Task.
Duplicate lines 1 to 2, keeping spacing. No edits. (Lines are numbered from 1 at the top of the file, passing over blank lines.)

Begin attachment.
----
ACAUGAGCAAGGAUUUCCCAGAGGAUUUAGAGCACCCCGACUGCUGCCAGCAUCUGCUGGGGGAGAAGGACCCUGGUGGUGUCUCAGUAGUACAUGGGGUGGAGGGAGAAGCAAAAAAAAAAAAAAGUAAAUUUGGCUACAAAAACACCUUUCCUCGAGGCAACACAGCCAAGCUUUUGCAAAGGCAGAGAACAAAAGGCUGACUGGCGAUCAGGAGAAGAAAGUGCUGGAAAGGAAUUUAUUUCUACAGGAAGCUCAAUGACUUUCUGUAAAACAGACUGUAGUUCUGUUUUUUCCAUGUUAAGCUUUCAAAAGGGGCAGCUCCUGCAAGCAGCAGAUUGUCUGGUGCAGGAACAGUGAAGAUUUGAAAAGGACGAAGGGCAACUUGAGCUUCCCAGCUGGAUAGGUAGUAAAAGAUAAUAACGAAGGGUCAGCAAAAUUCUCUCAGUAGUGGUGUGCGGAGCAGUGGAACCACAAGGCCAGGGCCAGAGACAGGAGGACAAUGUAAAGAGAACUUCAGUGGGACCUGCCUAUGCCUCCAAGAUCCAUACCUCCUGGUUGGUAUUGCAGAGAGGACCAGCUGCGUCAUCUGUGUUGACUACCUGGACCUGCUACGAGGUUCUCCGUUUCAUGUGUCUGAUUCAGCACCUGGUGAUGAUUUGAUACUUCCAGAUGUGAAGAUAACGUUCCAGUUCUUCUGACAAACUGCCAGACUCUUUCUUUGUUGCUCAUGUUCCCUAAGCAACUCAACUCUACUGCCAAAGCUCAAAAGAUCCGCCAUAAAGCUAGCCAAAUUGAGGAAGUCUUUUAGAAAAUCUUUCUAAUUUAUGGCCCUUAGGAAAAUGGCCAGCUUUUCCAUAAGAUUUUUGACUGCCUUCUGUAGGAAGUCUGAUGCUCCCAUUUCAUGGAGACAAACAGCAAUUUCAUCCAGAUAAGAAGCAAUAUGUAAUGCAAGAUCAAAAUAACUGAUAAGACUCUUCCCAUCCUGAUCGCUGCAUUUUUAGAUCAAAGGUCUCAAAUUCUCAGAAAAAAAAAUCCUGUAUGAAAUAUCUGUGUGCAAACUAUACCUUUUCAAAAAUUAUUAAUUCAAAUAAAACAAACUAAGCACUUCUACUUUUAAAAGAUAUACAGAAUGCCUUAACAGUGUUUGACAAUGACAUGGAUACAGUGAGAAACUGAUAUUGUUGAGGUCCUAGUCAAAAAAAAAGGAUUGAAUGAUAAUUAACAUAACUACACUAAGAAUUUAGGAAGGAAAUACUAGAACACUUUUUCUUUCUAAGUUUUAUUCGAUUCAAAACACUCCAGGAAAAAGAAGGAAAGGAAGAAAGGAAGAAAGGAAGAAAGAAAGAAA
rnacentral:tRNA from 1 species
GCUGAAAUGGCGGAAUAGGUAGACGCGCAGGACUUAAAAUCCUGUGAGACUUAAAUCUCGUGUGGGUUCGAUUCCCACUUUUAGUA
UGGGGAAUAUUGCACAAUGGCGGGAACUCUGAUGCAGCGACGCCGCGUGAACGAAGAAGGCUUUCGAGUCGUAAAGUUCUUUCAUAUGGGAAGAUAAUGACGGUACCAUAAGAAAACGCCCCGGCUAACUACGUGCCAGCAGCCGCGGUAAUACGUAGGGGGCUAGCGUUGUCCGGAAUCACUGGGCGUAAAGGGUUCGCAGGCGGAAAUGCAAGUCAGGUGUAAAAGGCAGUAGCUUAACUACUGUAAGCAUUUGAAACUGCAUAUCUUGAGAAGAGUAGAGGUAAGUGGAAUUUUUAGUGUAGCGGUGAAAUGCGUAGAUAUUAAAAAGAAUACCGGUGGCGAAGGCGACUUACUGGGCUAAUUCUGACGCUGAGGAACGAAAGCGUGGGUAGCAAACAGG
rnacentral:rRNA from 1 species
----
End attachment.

ACAUGAGCAAGGAUUUCCCAGAGGAUUUAGAGCACCCCGACUGCUGCCAGCAUCUGCUGGGGGAGAAGGACCCUGGUGGUGUCUCAGUAGUACAUGGGGUGGAGGGAGAAGCAAAAAAAAAAAAAAGUAAAUUUGGCUACAAAAACACCUUUCCUCGAGGCAACACAGCCAAGCUUUUGCAAAGGCAGAGAACAAAAGGCUGACUGGCGAUCAGGAGAAGAAAGUGCUGGAAAGGAAUUUAUUUCUACAGGAAGCUCAAUGACUUUCUGUAAAACAGACUGUAGUUCUGUUUUUUCCAUGUUAAGCUUUCAAAAGGGGCAGCUCCUGCAAGCAGCAGAUUGUCUGGUGCAGGAACAGUGAAGAUUUGAAAAGGACGAAGGGCAACUUGAGCUUCCCAGCUGGAUAGGUAGUAAAAGAUAAUAACGAAGGGUCAGCAAAAUUCUCUCAGUAGUGGUGUGCGGAGCAGUGGAACCACAAGGCCAGGGCCAGAGACAGGAGGACAAUGUAAAGAGAACUUCAGUGGGACCUGCCUAUGCCUCCAAGAUCCAUACCUCCUGGUUGGUAUUGCAGAGAGGACCAGCUGCGUCAUCUGUGUUGACUACCUGGACCUGCUACGAGGUUCUCCGUUUCAUGUGUCUGAUUCAGCACCUGGUGAUGAUUUGAUACUUCCAGAUGUGAAGAUAACGUUCCAGUUCUUCUGACAAACUGCCAGACUCUUUCUUUGUUGCUCAUGUUCCCUAAGCAACUCAACUCUACUGCCAAAGCUCAAAAGAUCCGCCAUAAAGCUAGCCAAAUUGAGGAAGUCUUUUAGAAAAUCUUUCUAAUUUAUGGCCCUUAGGAAAAUGGCCAGCUUUUCCAUAAGAUUUUUGACUGCCUUCUGUAGGAAGUCUGAUGCUCCCAUUUCAUGGAGACAAACAGCAAUUUCAUCCAGAUAAGAAGCAAUAUGUAAUGCAAGAUCAAAAUAACUGAUAAGACUCUUCCCAUCCUGAUCGCUGCAUUUUUAGAUCAAAGGUCUCAAAUUCUCAGAAAAAAAAAUCCUGUAUGAAAUAUCUGUGUGCAAACUAUACCUUUUCAAAAAUUAUUAAUUCAAAUAAAACAAACUAAGCACUUCUACUUUUAAAAGAUAUACAGAAUGCCUUAACAGUGUUUGACAAUGACAUGGAUACAGUGAGAAACUGAUAUUGUUGAGGUCCUAGUCAAAAAAAAAGGAUUGAAUGAUAAUUAACAUAACUACACUAAGAAUUUAGGAAGGAAAUACUAGAACACUUUUUCUUUCUAAGUUUUAUUCGAUUCAAAACACUCCAGGAAAAAGAAGGAAAGGAAGAAAGGAAGAAAGGAAGAAAGAAAGAAA
rnacentral:tRNA from 1 species